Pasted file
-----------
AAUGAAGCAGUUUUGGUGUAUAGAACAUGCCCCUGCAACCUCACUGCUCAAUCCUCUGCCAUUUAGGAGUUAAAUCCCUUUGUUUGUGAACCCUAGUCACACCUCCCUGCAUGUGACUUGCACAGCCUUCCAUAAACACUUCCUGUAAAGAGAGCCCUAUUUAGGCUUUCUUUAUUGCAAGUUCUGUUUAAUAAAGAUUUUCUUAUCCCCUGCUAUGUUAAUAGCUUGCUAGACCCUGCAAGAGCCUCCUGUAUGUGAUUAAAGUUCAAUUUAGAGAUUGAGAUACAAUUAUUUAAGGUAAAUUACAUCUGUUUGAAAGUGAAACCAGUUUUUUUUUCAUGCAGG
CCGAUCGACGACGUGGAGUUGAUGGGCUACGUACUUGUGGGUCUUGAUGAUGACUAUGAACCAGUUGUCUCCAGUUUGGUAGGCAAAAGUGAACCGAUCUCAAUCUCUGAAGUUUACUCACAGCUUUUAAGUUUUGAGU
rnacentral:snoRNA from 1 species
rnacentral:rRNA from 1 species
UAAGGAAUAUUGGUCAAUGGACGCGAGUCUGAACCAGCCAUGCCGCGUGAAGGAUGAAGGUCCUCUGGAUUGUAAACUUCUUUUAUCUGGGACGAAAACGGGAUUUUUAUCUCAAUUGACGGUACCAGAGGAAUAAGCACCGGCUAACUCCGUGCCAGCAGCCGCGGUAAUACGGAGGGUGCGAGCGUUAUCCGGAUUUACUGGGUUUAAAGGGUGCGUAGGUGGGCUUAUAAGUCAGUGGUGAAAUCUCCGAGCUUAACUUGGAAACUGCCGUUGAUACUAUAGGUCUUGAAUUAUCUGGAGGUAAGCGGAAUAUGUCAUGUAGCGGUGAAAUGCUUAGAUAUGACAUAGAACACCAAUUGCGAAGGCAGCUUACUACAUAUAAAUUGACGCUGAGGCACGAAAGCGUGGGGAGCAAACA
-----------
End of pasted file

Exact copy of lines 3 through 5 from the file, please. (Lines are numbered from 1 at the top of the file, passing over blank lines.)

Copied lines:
rnacentral:snoRNA from 1 species
rnacentral:rRNA from 1 species
UAAGGAAUAUUGGUCAAUGGACGCGAGUCUGAACCAGCCAUGCCGCGUGAAGGAUGAAGGUCCUCUGGAUUGUAAACUUCUUUUAUCUGGGACGAAAACGGGAUUUUUAUCUCAAUUGACGGUACCAGAGGAAUAAGCACCGGCUAACUCCGUGCCAGCAGCCGCGGUAAUACGGAGGGUGCGAGCGUUAUCCGGAUUUACUGGGUUUAAAGGGUGCGUAGGUGGGCUUAUAAGUCAGUGGUGAAAUCUCCGAGCUUAACUUGGAAACUGCCGUUGAUACUAUAGGUCUUGAAUUAUCUGGAGGUAAGCGGAAUAUGUCAUGUAGCGGUGAAAUGCUUAGAUAUGACAUAGAACACCAAUUGCGAAGGCAGCUUACUACAUAUAAAUUGACGCUGAGGCACGAAAGCGUGGGGAGCAAACA